In the case of Bondelmonte [2016] FamCAFC 48 (8 April 2016) the Full Court consisting of Ryan, Aldridge and Le Poer Trench JJ heard a father’s appeal against orders made by Watts J in a relocation case involving two boys. The matter considered what should be regarded as the ‘primary’ and ‘additional considerations’ of the children pursuant to s 60 CC (2) and (3) of the Family Law Act 1975 (Cth) (“the Act”).


This case involved a unilateral relocation to the US sought by the father while on holiday with his two sons ofalmost 17 and 15 years of age. The two boys wished to reside with their father whilst their 12 year old siblingc ontinued to reside in Australia with the mother. The existing orders made in 2014 were for equal shared parental responsibility and the three children were to live with the mother and father as agreed between the parties or at the children’s own election.

The family lived in Australia until January 2016 when the father took both sons for a holiday to New York with the mother’s consent. During the course of holiday the father expressed to the mother his intentions of remaining in New York indefinitely with the two sons.

The father gave evidence under oath that the boys expressed their wish to remain in New York with their father. The children claimed they had an estranged relationship with their mother, therefore, did not wish to return. The mother was granted a recovery order and the father’s appeal was dismissed. The Court reinforced in relation to a child’s view that “context is critical”.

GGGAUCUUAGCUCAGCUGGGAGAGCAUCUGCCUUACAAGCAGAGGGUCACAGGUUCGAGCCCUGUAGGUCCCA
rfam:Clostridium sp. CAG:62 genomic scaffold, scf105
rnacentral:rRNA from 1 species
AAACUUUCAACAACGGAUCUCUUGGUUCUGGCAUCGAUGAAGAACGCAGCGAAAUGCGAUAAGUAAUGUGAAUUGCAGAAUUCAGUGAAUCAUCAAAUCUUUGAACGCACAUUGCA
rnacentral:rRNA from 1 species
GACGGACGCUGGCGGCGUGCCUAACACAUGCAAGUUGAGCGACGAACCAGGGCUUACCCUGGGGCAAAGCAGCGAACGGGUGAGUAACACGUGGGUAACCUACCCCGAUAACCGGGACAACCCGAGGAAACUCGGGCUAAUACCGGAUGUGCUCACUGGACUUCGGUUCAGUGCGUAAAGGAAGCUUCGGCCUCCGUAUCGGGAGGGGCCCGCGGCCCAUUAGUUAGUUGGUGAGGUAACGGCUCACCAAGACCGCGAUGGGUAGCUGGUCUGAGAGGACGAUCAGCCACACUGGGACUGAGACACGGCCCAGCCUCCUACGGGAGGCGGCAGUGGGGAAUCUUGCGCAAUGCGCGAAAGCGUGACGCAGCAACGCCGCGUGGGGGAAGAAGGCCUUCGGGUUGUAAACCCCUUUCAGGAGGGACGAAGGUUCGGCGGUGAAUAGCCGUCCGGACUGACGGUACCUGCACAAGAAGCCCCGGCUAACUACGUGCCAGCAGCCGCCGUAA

Central Issue in the Case

The central issue in this matter was whether the children’s views should be taken into consideration. In this case “context was considered to be critical”. The Court ruled that the children be returned to their mother and that a report was required that dealt with more than simply the boys’ views.

The Court ruled the report was required to assess the dynamics of the sibling relationships and their respective relationships with their parents.


Ryan and Aldridge JJ in the majority held that the primary judge was satisfied it was in the best interests of the two boys to return to Australia pending a determination about whether, in the long-term, they would continue to reside in Australia or relocate to the United States.

If the father decided to return to Australia with the two boys, they were to continue living with him, however, if he remained in New York, the boys would live with the mother in Australia. As the boys had a strained relationship with their mother, the Orders provided that the mother and boys could make arrangements for the boys to stay with nominated third parties without the father’s approval.

His Honour mandated that a report which dealt with more than simply the boys’ views was necessary as the Court would not examine such factors as to the dynamic of the sibling relationship and also each sibling’srelationship with their parents. The report was ordered to take place in Australia where all family members were able to participate.

His Honour expressed disdain in the father’s breach of the orders and in doing so the father demonstrated poor judgement as a parent and ‘as a role model to the boys’. For the Court to agree with the father’s behaviour would fail to acknowledge what might be considered appropriate parental behaviour.


Section 60CC(2) and (3) of the Act requires consideration of following:

 the boys’ expressed views as against the damage currently done to the mother’s relationship with both sons;